Truth be told, I actually feel very little sympathy for William Reid, but my own father issues may have something to do with that as well. Spencer has every right to be pissed at the man. Who abandons their ten year old son and schizophrenic wife?  Who abandons their ten year old son with their schizophrenic wife? But those scenes in Revelations now make more sense.  But William Reid is surprised to see Spencer ( Spencer seems ready to punch his father when they meet up, but instead lashes out with arcane facts- the best way to fight is to say you can’t possibly resemble someone you haven’t seen in nearly two decades). But he is not shocked by the fact Spencer would see him as a murderer in a dream. ” I stopped being surprised by Spencer’s mind a long time ago,” he admits. Spencer is unimpressed by anything William has to say.

Spencer Reid started out in season one a quiet, meek human computer, good for exposition and facts. His emotions ranged from A to C.  It wasn’t till ” L.D.S.K.” we got a little something from Reid,  and he grew a bit in the last two thirds of the season. ” Sex, Birth, And Death” was a real gut kick of emotion, and the one that proved how conflicted Reid was. Reid has a tendency to identify with the unsubs more often than not, and to be that brilliant with that much internalized anger must make for one troubled angry young man. You know everything, but try to deny feeling anything. He’s a walking example of a John Osborne character is Osborne wrote CBS crime shows instead of kitchen sink dramas. Here, Spencer is a boiling cauldron of fierce emotions. He seems willing to sacrifice anything and everything to nail the person who hurt him the most in this world, even as everyone around him keeps saying that William Reid doesn’t fit the profile. The arrival of a possible real suspect doesn’t faze Spencer. He plows ahead, and in his determination to prove his dream the truth, he sends his mother over the edge, causing a spastic freak out. Jane Lynch ( glowing here) does the most graceful melt down on TV. Even here, in the most stereotypically crazy moment, she somehow underplays it, and seems lucid enough to recognize the truth in the face of her son’s painful accusations directed at a man she still feels a connection to ( is it me, or does she still wear a ring on her left ring finger?).  Spencer, even as the evidence mounts to point the finger at Gary Michaels, is convinced everyone is trying to protect William Reid by producing a more obvious, and therefore convenient suspect. When Michaels turns up in CODIS as a murder victim, and the real truth about the bloody clothes William Reid burned in the backyard BBQ pit comes out, Reid is almost shell shocked by it. He admits to his momentarily reunited parents that he was wrong about everything. William admits that he left because the secrets were too much to bear, no matter how hard he tried to keep it all together. I suspect, due to ” Revelations” scene moments, that Diana Reid went downhill after the incident. And then, sounding like the sad ten year old he seems to still be at moments, Spencer looks at his father and says ” You could have come back.” Even a genius can believe in the myth of his divorced parents somehow getting back together again. Even when he’s now twenty seven.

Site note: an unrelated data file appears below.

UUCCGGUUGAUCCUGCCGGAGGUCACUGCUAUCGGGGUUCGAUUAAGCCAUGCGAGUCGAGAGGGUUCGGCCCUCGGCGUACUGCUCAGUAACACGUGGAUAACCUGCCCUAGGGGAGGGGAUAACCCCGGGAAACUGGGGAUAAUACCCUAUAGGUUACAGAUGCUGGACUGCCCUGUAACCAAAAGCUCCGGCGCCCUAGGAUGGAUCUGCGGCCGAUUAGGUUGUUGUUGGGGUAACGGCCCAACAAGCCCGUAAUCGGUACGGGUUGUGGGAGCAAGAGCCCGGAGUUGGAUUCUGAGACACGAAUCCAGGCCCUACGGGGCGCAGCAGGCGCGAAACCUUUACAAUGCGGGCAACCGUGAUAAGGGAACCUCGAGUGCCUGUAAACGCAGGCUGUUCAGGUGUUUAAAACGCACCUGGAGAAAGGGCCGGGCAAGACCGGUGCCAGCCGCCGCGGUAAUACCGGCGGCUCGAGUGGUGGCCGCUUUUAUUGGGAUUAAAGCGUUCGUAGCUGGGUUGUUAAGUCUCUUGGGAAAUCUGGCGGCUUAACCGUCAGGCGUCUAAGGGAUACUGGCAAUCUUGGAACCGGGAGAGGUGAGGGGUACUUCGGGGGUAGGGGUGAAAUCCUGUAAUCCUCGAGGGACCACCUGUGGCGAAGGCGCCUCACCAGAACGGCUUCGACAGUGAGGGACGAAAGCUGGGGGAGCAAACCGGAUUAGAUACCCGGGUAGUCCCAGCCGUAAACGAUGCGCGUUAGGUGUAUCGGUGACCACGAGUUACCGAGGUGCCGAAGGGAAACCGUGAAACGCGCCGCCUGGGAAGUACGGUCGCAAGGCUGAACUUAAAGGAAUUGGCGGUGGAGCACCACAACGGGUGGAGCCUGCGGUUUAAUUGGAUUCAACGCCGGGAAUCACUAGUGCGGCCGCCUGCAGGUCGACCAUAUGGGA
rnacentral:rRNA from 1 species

The B story this week was about JJ. JJ had her baby, folks, a boy named Henry. Poor Jordan lost out on two weeks of training as JJ went into labor early. But JJ had her baby. Thing I love about CM- even the woman going into labor scene was atypical of TV story telling. No one panicked ( except JJ- she was in labor, that should happen). Hotch, Prentiss, and Garcia were family, talking her through it and aiding her without freaking out. When Reid finally gets home, he visits JJ, who asks him to be Henry’s godfather. Reid is hesitant- babies are not his thing, he has believed- but he takes one look at Henry and the emotions run high. One call, and Henry is in CalTech, although Yales pretty good, too. It was Spencer’s safety school.

Overall- amazing. So good. Performances all around were great, but again, the show would have fallen apart if Matthew Gray Gubler and Jane Lynch do not play with the levels of subtlety they do. Understated performances by these two anchor the story, and they both shine. Jane Lynch right now is the front runner in my upcoming annual Pedalicious awards. Just so you know. There’s still… six weeks left to try and stop her, you know. And Gubler- he keeps impressing me as an actor. He’s always been charismatic and charming, but these last two episodes show his astonishing range and his control of that range. Blow me out of the water, Gubes. You deserve a shot at Emmy gold yourself. And I thought you deserved a nod last year for “Elephant’s Memory”.

Grade- A+ ( A++ for realsies, but I really shouldn’t be ridiculous with my grades, you know).